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Can I Bring my Spouse or Family to Switzerland While on a Student Permit?

For a small country with only eight million residents, Switzerland certainly punches above its weight when it comes to international students. Overseas students represent nearly 19% of all students in the country, and the higher the education level, the more this increases. In fact, around 54% of doctoral students and 29% of master’s students in Switzerland are foreign. Many students come from countries on the immediate border, including Germany, France, and Italy, but an increasing number are coming from further afield, such as Russia and China.

Interestingly, according to, international students in Switzerland are most interested in science courses, so much so that there are three times more foreign than Swiss students studying in the areas of natural sciences, mathematics and statistics.

Given that university students may spend several years in education, especially if they progress from undergraduate to postgraduate level, and then potentially PhD level. Many students will, therefore, want to bring their family members with them to Switzerland, however, there are some limitations under Swiss immigration law which should be understood first. In this article, we will discuss the rules which apply when bringing a spouse or family member to Switzerland if you are an international student.

Can I Bring a Spouse or Other Family Member to Switzerland as an International Student?

This depends if you are an EU/EFTA student, or if you are from outside of the EU/EFTA area.

Students from the EU/EFTA Area

Ordinarily, EU/EFTA citizens with a Swiss residence permit are allowed to bring family members to Switzerland as part of the ‘family reunification programme’. This includes a spouse, children, parents, and even grandparents, regardless of the nationality of the family member (i.e. they can come if they are from the EU or not). Students from the EU/EFTA area, however, are only able to bring their spouse/partner and children.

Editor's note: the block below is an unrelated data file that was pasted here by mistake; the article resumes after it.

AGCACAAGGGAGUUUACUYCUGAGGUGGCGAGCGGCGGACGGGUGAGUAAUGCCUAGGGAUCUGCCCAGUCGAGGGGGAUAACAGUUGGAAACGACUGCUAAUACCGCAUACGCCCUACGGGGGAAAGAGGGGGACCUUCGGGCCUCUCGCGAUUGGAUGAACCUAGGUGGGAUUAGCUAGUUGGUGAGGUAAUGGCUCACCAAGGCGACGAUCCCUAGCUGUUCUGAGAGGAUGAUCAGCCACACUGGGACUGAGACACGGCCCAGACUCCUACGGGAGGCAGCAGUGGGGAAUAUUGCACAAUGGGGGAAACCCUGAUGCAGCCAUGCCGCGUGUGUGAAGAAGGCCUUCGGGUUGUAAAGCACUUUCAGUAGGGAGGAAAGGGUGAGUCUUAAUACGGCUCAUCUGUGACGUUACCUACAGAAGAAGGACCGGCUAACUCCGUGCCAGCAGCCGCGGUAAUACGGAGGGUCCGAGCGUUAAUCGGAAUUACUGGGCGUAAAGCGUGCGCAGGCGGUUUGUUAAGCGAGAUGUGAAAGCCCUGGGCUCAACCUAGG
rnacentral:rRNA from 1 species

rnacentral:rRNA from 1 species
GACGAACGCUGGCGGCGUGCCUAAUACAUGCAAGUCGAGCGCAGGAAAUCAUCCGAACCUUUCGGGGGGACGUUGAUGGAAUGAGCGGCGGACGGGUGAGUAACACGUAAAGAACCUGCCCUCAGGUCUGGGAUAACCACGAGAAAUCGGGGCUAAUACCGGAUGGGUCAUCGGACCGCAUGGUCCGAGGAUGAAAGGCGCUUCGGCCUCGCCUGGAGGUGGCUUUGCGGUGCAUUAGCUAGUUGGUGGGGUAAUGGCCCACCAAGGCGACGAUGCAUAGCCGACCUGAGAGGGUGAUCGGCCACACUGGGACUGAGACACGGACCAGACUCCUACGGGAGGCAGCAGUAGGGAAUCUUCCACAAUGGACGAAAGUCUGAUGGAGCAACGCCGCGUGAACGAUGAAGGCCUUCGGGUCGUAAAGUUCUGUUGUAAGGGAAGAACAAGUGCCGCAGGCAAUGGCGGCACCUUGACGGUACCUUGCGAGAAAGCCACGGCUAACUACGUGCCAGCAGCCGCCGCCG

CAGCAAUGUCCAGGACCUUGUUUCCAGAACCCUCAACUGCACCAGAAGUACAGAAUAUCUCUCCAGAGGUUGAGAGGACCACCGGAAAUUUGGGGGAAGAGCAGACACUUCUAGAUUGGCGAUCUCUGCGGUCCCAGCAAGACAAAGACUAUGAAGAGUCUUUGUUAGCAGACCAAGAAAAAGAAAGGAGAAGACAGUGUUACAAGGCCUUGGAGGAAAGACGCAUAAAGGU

Family members must have a valid passport/travel ID to enter Switzerland, and must not pose a security threat to the country. This means that you must not have a criminal record. If they are from a Schengen country or a country that is a party to the Schengen agreement, then you will not require a visa to enter Switzerland. If they are from a country outside of the Schengen agreement, they may need to apply for an entry visa.

Once your family member has arrived in Switzerland, they will be given an EU/EFTA residence permit. The permit will also allow your family member to work, but it is required that they inform their local cantonal migration and labour market office before they commence work.

In the event of divorce or death

If a spouse from outside of the EU/EFTA is given a residence permit on the basis of their EU partner who is studying in Switzerland, and the couple later divorce or the EU/EFTA citizen dies while they are both in Switzerland, the non-EEA/EFTA citizen’s residence permit may be extended if: